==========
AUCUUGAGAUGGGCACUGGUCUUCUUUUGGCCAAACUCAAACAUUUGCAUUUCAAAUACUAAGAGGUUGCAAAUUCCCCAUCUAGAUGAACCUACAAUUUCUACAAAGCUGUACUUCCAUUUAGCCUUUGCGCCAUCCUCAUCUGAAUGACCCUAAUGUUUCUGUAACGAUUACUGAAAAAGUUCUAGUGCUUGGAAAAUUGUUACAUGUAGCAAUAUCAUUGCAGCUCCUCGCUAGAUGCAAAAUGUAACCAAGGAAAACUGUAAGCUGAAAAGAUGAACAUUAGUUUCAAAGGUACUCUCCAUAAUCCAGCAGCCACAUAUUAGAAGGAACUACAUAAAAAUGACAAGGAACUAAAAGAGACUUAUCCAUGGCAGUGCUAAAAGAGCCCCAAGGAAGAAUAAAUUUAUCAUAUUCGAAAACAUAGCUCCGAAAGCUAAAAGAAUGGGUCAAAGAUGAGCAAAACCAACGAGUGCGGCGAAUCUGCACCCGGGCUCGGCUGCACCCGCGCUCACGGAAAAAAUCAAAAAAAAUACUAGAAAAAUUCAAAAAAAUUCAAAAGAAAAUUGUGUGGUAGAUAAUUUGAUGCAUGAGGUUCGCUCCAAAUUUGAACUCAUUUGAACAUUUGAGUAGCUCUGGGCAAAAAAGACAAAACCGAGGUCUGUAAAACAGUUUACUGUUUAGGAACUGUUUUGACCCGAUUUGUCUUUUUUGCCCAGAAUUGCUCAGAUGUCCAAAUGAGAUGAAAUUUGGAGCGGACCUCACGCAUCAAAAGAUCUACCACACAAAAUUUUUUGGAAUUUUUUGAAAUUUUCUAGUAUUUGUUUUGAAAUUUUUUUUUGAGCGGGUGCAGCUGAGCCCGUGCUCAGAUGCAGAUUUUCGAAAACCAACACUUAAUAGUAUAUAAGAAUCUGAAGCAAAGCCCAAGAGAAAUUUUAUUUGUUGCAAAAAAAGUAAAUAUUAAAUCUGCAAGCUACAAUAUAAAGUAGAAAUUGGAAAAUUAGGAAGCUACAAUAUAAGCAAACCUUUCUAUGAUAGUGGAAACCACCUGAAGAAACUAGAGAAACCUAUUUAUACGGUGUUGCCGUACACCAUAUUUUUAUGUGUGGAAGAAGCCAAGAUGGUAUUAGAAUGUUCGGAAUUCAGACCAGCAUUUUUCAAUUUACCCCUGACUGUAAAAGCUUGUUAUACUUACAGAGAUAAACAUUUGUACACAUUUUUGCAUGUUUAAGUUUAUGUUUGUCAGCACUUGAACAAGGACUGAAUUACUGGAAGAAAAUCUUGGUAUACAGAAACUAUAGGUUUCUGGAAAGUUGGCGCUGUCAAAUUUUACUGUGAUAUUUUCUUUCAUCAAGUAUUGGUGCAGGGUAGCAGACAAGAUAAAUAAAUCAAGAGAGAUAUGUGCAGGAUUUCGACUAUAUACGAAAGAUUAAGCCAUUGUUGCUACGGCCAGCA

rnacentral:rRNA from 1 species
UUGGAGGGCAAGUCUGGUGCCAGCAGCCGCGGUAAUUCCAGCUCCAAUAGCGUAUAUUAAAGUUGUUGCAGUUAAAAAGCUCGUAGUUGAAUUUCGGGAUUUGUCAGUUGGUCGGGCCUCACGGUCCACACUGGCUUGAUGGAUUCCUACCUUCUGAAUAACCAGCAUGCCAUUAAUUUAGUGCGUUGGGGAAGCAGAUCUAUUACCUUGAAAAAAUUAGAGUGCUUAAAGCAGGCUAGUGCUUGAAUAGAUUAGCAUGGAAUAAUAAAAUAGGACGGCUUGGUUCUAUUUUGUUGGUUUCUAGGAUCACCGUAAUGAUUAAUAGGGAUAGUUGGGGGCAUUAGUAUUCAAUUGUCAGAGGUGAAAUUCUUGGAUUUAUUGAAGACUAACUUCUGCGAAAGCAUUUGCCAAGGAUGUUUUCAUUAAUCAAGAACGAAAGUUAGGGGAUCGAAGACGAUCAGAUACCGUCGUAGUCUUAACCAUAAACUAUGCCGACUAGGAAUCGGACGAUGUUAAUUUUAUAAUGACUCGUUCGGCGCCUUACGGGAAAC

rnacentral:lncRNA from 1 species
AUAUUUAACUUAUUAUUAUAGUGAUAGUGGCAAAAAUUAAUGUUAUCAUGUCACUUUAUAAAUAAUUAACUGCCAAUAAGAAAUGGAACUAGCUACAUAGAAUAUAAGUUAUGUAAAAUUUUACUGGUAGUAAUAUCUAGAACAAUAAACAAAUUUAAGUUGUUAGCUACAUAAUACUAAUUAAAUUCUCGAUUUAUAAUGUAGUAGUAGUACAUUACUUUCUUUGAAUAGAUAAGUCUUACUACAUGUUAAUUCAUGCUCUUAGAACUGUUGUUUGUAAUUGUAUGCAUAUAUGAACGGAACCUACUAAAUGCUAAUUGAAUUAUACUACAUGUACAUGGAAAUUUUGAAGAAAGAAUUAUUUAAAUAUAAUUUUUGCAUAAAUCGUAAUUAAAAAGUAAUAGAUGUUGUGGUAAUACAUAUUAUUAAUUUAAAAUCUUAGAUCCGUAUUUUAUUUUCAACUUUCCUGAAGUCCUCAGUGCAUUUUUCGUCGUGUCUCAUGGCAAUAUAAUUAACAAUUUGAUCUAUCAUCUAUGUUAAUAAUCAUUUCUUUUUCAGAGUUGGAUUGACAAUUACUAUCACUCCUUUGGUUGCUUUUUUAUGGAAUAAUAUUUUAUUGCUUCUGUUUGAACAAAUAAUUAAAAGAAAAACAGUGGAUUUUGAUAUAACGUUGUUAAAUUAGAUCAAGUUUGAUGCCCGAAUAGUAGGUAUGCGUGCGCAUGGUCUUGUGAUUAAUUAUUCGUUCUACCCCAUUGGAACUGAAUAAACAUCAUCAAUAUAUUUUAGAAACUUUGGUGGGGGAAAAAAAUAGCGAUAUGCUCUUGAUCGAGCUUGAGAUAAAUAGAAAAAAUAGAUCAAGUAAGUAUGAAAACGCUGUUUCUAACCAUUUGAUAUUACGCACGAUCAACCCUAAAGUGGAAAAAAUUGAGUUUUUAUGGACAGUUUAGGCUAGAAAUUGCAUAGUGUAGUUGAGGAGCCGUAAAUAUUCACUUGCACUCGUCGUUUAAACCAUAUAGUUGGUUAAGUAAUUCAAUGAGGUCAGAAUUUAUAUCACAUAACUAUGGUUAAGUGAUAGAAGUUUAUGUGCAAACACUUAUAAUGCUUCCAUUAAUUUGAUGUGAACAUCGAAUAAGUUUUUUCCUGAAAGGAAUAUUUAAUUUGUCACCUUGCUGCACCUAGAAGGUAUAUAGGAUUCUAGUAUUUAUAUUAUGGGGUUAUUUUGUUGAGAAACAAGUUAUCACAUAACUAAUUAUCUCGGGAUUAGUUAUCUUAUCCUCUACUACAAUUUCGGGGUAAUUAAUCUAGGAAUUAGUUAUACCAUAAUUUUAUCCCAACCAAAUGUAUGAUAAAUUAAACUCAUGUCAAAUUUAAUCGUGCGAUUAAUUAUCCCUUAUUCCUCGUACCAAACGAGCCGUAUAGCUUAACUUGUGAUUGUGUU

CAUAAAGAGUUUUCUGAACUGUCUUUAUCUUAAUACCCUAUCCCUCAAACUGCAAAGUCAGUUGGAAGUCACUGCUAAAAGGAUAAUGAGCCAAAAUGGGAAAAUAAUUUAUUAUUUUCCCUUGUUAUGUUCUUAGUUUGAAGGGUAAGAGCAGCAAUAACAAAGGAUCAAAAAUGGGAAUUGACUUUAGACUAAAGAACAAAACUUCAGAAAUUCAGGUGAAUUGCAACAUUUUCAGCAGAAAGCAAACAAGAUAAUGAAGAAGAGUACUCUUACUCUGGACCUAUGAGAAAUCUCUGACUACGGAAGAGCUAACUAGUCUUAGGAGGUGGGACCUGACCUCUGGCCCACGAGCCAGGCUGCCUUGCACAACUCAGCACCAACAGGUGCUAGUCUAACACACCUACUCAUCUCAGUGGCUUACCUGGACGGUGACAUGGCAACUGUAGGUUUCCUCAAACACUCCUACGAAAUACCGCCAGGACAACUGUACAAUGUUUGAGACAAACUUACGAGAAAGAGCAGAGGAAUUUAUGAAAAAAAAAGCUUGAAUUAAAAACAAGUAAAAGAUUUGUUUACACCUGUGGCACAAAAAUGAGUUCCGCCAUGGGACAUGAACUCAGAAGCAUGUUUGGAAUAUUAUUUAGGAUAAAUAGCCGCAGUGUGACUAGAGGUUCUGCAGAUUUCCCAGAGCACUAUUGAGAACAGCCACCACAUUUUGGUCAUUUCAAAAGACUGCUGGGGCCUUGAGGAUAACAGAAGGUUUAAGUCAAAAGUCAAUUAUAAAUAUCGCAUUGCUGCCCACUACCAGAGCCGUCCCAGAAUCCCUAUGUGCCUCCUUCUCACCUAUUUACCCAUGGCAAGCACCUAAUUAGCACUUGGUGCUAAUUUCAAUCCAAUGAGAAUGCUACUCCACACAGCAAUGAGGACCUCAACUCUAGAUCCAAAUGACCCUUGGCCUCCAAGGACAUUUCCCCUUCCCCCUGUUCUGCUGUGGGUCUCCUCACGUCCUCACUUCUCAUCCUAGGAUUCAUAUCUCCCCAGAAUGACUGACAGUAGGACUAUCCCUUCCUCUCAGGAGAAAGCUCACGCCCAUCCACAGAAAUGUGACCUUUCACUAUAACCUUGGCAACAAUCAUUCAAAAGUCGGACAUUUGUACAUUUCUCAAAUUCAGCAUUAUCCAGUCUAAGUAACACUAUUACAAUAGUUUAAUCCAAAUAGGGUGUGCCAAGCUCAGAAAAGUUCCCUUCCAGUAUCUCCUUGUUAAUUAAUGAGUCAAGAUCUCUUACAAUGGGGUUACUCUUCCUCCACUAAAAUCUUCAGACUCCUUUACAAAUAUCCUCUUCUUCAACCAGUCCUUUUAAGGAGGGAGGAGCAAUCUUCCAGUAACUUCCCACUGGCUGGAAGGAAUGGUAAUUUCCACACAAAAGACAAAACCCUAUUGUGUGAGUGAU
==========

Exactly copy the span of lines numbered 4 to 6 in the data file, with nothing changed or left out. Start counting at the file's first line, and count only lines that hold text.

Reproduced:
rnacentral:lncRNA from 1 species
AUAUUUAACUUAUUAUUAUAGUGAUAGUGGCAAAAAUUAAUGUUAUCAUGUCACUUUAUAAAUAAUUAACUGCCAAUAAGAAAUGGAACUAGCUACAUAGAAUAUAAGUUAUGUAAAAUUUUACUGGUAGUAAUAUCUAGAACAAUAAACAAAUUUAAGUUGUUAGCUACAUAAUACUAAUUAAAUUCUCGAUUUAUAAUGUAGUAGUAGUACAUUACUUUCUUUGAAUAGAUAAGUCUUACUACAUGUUAAUUCAUGCUCUUAGAACUGUUGUUUGUAAUUGUAUGCAUAUAUGAACGGAACCUACUAAAUGCUAAUUGAAUUAUACUACAUGUACAUGGAAAUUUUGAAGAAAGAAUUAUUUAAAUAUAAUUUUUGCAUAAAUCGUAAUUAAAAAGUAAUAGAUGUUGUGGUAAUACAUAUUAUUAAUUUAAAAUCUUAGAUCCGUAUUUUAUUUUCAACUUUCCUGAAGUCCUCAGUGCAUUUUUCGUCGUGUCUCAUGGCAAUAUAAUUAACAAUUUGAUCUAUCAUCUAUGUUAAUAAUCAUUUCUUUUUCAGAGUUGGAUUGACAAUUACUAUCACUCCUUUGGUUGCUUUUUUAUGGAAUAAUAUUUUAUUGCUUCUGUUUGAACAAAUAAUUAAAAGAAAAACAGUGGAUUUUGAUAUAACGUUGUUAAAUUAGAUCAAGUUUGAUGCCCGAAUAGUAGGUAUGCGUGCGCAUGGUCUUGUGAUUAAUUAUUCGUUCUACCCCAUUGGAACUGAAUAAACAUCAUCAAUAUAUUUUAGAAACUUUGGUGGGGGAAAAAAAUAGCGAUAUGCUCUUGAUCGAGCUUGAGAUAAAUAGAAAAAAUAGAUCAAGUAAGUAUGAAAACGCUGUUUCUAACCAUUUGAUAUUACGCACGAUCAACCCUAAAGUGGAAAAAAUUGAGUUUUUAUGGACAGUUUAGGCUAGAAAUUGCAUAGUGUAGUUGAGGAGCCGUAAAUAUUCACUUGCACUCGUCGUUUAAACCAUAUAGUUGGUUAAGUAAUUCAAUGAGGUCAGAAUUUAUAUCACAUAACUAUGGUUAAGUGAUAGAAGUUUAUGUGCAAACACUUAUAAUGCUUCCAUUAAUUUGAUGUGAACAUCGAAUAAGUUUUUUCCUGAAAGGAAUAUUUAAUUUGUCACCUUGCUGCACCUAGAAGGUAUAUAGGAUUCUAGUAUUUAUAUUAUGGGGUUAUUUUGUUGAGAAACAAGUUAUCACAUAACUAAUUAUCUCGGGAUUAGUUAUCUUAUCCUCUACUACAAUUUCGGGGUAAUUAAUCUAGGAAUUAGUUAUACCAUAAUUUUAUCCCAACCAAAUGUAUGAUAAAUUAAACUCAUGUCAAAUUUAAUCGUGCGAUUAAUUAUCCCUUAUUCCUCGUACCAAACGAGCCGUAUAGCUUAACUUGUGAUUGUGUU

CAUAAAGAGUUUUCUGAACUGUCUUUAUCUUAAUACCCUAUCCCUCAAACUGCAAAGUCAGUUGGAAGUCACUGCUAAAAGGAUAAUGAGCCAAAAUGGGAAAAUAAUUUAUUAUUUUCCCUUGUUAUGUUCUUAGUUUGAAGGGUAAGAGCAGCAAUAACAAAGGAUCAAAAAUGGGAAUUGACUUUAGACUAAAGAACAAAACUUCAGAAAUUCAGGUGAAUUGCAACAUUUUCAGCAGAAAGCAAACAAGAUAAUGAAGAAGAGUACUCUUACUCUGGACCUAUGAGAAAUCUCUGACUACGGAAGAGCUAACUAGUCUUAGGAGGUGGGACCUGACCUCUGGCCCACGAGCCAGGCUGCCUUGCACAACUCAGCACCAACAGGUGCUAGUCUAACACACCUACUCAUCUCAGUGGCUUACCUGGACGGUGACAUGGCAACUGUAGGUUUCCUCAAACACUCCUACGAAAUACCGCCAGGACAACUGUACAAUGUUUGAGACAAACUUACGAGAAAGAGCAGAGGAAUUUAUGAAAAAAAAAGCUUGAAUUAAAAACAAGUAAAAGAUUUGUUUACACCUGUGGCACAAAAAUGAGUUCCGCCAUGGGACAUGAACUCAGAAGCAUGUUUGGAAUAUUAUUUAGGAUAAAUAGCCGCAGUGUGACUAGAGGUUCUGCAGAUUUCCCAGAGCACUAUUGAGAACAGCCACCACAUUUUGGUCAUUUCAAAAGACUGCUGGGGCCUUGAGGAUAACAGAAGGUUUAAGUCAAAAGUCAAUUAUAAAUAUCGCAUUGCUGCCCACUACCAGAGCCGUCCCAGAAUCCCUAUGUGCCUCCUUCUCACCUAUUUACCCAUGGCAAGCACCUAAUUAGCACUUGGUGCUAAUUUCAAUCCAAUGAGAAUGCUACUCCACACAGCAAUGAGGACCUCAACUCUAGAUCCAAAUGACCCUUGGCCUCCAAGGACAUUUCCCCUUCCCCCUGUUCUGCUGUGGGUCUCCUCACGUCCUCACUUCUCAUCCUAGGAUUCAUAUCUCCCCAGAAUGACUGACAGUAGGACUAUCCCUUCCUCUCAGGAGAAAGCUCACGCCCAUCCACAGAAAUGUGACCUUUCACUAUAACCUUGGCAACAAUCAUUCAAAAGUCGGACAUUUGUACAUUUCUCAAAUUCAGCAUUAUCCAGUCUAAGUAACACUAUUACAAUAGUUUAAUCCAAAUAGGGUGUGCCAAGCUCAGAAAAGUUCCCUUCCAGUAUCUCCUUGUUAAUUAAUGAGUCAAGAUCUCUUACAAUGGGGUUACUCUUCCUCCACUAAAAUCUUCAGACUCCUUUACAAAUAUCCUCUUCUUCAACCAGUCCUUUUAAGGAGGGAGGAGCAAUCUUCCAGUAACUUCCCACUGGCUGGAAGGAAUGGUAAUUUCCACACAAAAGACAAAACCCUAUUGUGUGAGUGAU